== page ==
A 40-year Terrace educator is retiring for a second time after being drawn back from his first retirement to become principal of Veritas Catholic School.
“People say that when you retire you quit working and then do the kinds of things you enjoy doing,” said retiring principal Dave Crawley. “The problem I had was that I was already doing the things I enjoy doing.”
Crawley was born and raised in Prince Rupert, and went to the University of Victoria where he got a degree in psychology and one in education. Then in 1976, he moved to Terrace to start his career, planning to become a school counsellor.
“I came for a year or two [planning] to get some experience and then get back down south… but the opportunities here were just so good,” Crawley said.
He spent his first year as a teacher and counsellor at Thornhill Junior where he worked for eight years. In 1984 he became the elementary counsellor for the whole school district, travelling back and forth between schools for a year.
But Crawley said he preferred to have a community to be connected to and work within, and he also felt it was time for a change from counselling.
“I was always fascinated with psychology and I found that I really enjoyed working with students and helping them through some of their problems and being supportive of them,” Crawley said. “I really enjoyed that for a number of years, but then it started to wear me down.”
He said he was often involved in student crisises after school hours and had a hard time not bringing the concerns home.
“I hadn’t learned to leave it there… as much as I enjoyed it, there was no down time,” he said.
Crawley became the principal at Copper Mountain Elementary in 1985, where he stayed for 13 years (with one year halfway through as interim principal at Clarence Michiel Elementary, now Suwilaawks).
The move to principal proved a good fit, and Crawley continued to work in similar positions for the rest of his career.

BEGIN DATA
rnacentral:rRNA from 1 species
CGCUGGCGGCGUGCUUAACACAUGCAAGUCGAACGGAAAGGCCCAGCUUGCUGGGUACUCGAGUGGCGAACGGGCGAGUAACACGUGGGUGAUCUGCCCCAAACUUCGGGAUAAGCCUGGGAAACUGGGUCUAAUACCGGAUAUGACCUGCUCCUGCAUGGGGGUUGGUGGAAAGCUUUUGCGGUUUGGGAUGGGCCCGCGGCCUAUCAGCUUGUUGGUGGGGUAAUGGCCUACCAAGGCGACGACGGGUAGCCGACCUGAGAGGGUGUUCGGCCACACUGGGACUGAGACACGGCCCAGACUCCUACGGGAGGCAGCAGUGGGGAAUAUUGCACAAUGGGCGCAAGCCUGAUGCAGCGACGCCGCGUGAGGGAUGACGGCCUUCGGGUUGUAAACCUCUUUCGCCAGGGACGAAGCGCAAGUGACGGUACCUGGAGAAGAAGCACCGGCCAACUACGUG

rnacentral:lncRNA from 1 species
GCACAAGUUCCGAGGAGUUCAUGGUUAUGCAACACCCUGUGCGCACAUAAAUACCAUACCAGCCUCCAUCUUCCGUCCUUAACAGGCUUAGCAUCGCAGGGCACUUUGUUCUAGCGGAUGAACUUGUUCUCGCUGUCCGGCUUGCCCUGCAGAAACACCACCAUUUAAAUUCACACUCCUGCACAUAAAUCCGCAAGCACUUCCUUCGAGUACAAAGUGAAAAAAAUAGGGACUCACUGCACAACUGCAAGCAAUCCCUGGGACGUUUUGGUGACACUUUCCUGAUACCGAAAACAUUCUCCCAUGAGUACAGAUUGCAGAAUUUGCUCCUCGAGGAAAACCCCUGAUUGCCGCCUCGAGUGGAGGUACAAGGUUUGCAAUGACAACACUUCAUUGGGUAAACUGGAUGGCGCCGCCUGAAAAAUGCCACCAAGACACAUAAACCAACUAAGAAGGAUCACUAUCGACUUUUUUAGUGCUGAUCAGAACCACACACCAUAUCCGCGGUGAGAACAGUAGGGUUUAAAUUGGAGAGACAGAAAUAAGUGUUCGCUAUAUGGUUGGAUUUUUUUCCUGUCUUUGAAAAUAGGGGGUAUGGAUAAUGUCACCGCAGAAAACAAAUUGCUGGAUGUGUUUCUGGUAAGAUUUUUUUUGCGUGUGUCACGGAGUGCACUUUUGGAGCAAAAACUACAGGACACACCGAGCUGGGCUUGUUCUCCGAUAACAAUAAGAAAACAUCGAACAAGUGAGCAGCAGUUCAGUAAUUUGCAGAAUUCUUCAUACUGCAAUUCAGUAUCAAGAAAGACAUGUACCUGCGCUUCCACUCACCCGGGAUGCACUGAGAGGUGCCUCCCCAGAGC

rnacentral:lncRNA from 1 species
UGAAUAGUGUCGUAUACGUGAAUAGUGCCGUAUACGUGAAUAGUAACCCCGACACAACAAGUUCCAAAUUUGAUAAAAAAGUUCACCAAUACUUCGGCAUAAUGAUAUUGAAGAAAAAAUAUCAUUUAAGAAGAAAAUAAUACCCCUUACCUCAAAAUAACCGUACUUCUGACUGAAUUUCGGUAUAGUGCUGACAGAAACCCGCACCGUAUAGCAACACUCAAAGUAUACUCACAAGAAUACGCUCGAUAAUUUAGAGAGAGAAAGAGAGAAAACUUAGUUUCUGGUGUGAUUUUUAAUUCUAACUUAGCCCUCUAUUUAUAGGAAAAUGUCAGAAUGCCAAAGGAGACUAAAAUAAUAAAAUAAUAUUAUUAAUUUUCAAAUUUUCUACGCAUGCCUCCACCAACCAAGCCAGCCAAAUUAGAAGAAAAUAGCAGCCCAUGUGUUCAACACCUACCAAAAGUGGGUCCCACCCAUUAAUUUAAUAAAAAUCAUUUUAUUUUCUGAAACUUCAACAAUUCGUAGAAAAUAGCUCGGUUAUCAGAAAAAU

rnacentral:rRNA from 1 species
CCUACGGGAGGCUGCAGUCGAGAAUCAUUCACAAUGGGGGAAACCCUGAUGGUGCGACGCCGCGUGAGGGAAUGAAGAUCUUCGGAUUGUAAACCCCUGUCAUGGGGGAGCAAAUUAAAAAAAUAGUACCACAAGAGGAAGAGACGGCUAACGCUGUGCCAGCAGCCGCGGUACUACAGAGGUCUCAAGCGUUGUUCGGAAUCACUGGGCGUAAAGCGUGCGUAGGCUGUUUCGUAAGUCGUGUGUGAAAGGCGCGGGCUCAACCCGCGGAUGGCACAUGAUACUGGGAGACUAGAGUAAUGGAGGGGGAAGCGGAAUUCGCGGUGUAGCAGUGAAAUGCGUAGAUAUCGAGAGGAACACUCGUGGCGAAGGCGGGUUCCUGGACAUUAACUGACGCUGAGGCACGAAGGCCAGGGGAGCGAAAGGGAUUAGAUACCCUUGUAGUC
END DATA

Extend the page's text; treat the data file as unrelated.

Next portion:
In 1998, Crawley became principal at Thornhill Elementary School where he stayed for five years, and then he spent a year as principal at Uplands Elementary.
When Skeena Junior opened in 2004, Crawley became its first vice principal. He was vice principal there for eight years and principal for a year before he retired.
But while camping during that first summer of what was going to be retirement, Crawley got a call from someone asking him to consider covering as principal for a few months at Veritas Catholic School while they found someone permanent.
“I was a little scared of retirement, so I said okay,” Crawley said, adding that those few months extended to a year and then beyond. “I liked what I was doing and started to appreciate the school and the staff here and some of the differences of public and independent schools,” Crawley said. “So I let them know I was interested in continuing.”
Crawley has now spent the last five years at Veritas, and has been involved in several major changes at the school, including expansions to include pre-kindergarten and middle school.
The school district shifted in 2012 to include Grade 7 in the middle school system at Skeena Middle School, so Veritas had to chose whether to drop Grade 7 and stay an elementary school, or add Grade 8 and 9.